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2020 Arizona Diamondbacks Reviews #16: RHP Riley Smith

The former 24th round pick burst his way onto the MLB scene and could develop into a solid swingman.

MLB: Texas Rangers at Arizona Diamondbacks Joe Camporeale-USA TODAY Sports


Name: Riley Smith
Position: RHP (Reliever)
2020 Age: 25
Rating: 5.35/10
2020 Stats: 2-0, 1.47 ERA, 18 13 IP, 18 K, 5 BB, 0.6 bWAR


When the Arizona Diamondbacks selected right-handed pitcher Riley Smith out of Louisiana State University in the 24th round of the 2016 Draft, the chances of him reaching the Major Leagues were certainly low. As he climbed up through the system, he wasn’t on most prospect lists due to being old for each level he played in as well as posting solid, but not dominant numbers at each stop. He jumped onto my radar as a prospect in 2019, where he put up 2.27 ERA in 13 starts with the D-backs AA affiliate. The following offseason the organization added him to the 40-man roster ahead in order to protect him from the Rule 5 Draft.

2020 Season in Review

Smith started the year with all the MLB pitchers in Spring Training, but was set to be optioned to the team’s AAA affiliate before the shut down happened on March 12th. During the shutdown, I had a chance to interview Smith after a decent showing in big league camp and two successful years in the minors. My takeaways from the interview is he’s got the right mindset to be a successful MLB pitcher, in whatever role the team needs him to be in.

When baseball resumed in 2020, Smith was added to the team’s initial 60-man player pool. He would have to wait until August 26th before pitching in an MLB game. He got rudely greeted by a Charlie Blackmon grand slam in a 8-3 D-backs loss to the Colorado Rockies. As it would turn out, it was a blip rather than an ominous warning. Smith recovered to produce a 1.47 ERA over 18 13 innings out of the D-backs bullpen, including playing the role of piggyback starter behind Caleb Smith (not related) when the latter returned off the COVID-19 list. On September 10th, Smith would pick up his first MLB win at the expense of the eventual World Champion Los Angeles Dodgers.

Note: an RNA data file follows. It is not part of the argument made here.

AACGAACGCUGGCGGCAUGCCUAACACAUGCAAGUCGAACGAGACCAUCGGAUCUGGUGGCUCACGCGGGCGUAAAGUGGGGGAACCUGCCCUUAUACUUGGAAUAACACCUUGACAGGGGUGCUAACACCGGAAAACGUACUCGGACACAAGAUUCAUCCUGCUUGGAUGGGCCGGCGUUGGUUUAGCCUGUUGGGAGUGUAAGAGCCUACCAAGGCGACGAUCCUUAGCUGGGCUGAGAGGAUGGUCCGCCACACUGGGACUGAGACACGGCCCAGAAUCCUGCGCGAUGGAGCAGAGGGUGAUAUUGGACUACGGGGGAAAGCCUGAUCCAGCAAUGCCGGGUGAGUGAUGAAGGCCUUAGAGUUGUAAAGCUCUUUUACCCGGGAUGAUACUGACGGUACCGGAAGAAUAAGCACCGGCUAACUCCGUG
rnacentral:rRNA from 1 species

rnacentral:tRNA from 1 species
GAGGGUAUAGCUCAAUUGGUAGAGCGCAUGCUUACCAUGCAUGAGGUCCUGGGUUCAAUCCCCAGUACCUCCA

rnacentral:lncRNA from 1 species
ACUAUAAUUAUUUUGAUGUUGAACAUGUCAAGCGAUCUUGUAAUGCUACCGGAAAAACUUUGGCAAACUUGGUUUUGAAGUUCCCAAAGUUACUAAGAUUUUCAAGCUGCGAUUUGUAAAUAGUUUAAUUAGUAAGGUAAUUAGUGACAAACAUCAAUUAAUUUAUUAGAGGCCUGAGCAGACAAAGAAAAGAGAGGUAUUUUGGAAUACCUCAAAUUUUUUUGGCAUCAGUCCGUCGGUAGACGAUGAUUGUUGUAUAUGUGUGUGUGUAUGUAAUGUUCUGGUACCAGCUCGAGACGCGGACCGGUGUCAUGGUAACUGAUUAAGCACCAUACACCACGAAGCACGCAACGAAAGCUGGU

His most noteworthy performance on the year came on September 22nd against the Texas Rangers. Playing the role of piggyback starter, Riley Smith entered the game to start the 5th and the team would not need another pitcher to finish a 7-0 shutout. Smith allowed 5 singles, but struck out 7 Rangers to pick up his 2nd win of the season.

His overall performance was solid given the fact it was his first taste in the majors. The underlying numbers show there is some staying power in his run prevention. While the sample size is quite small, with only 250 pitches thrown and 47 batted ball events, Smith was able to limit opposing hitters to a .265 wOBA. There is some substance behind that surprisingly good number when considering his prospect status, or lack thereof. In 2020, opposing hitters were only able to produce an exit velocity greater than 95 MPH on just under 30% of batted ball events and only 1 barrel (2.1%). Producing soft contact is going to be critical for Smith to stay in the big leagues due to the lack of swing and miss stuff, so we’re hoping this is the trend.

2021 Outlook and Beyond

The strong debut will give Smith an inside track to a 26-man roster spot for 2021, although I believe the best role for him will be as a swingman out of bullpen. He doesn’t profile as a starter or a back-end of the pen pitcher, but given the lack of consistency from the starting rotation after Zac Gallen there will be a need for someone to chew up innings out of the bullpen. Going into the offseason, I’d probably have him either 6th or 7th on the depth chart for the starting rotation behind Gallen, Madison Bumgarner, Luke Weaver, Merrill Kelly, and Caleb Smith.

He’s above-average at producing ground ball contact, although not exceptionally great at it thanks to a solid 4-pitch mix. Smith aggressively fills the zone with his low 90s sinker, which has enough late movement to avoid the barrel, hoping to get ground ball outs early in the count. His secondary stuff isn’t nearly as impressive in comparison, although he’s flashed a decent curveball and slider at times. He’ll need to continually hit the bottom of the strike zone with his pitches and produce ground balls at an above-average rate to stick around. Given his track record in professional baseball in doing that, it’s quite possible for him to continue to be that type of pitcher. His run prevention numbers will likely regress more towards the league average barring major improvements.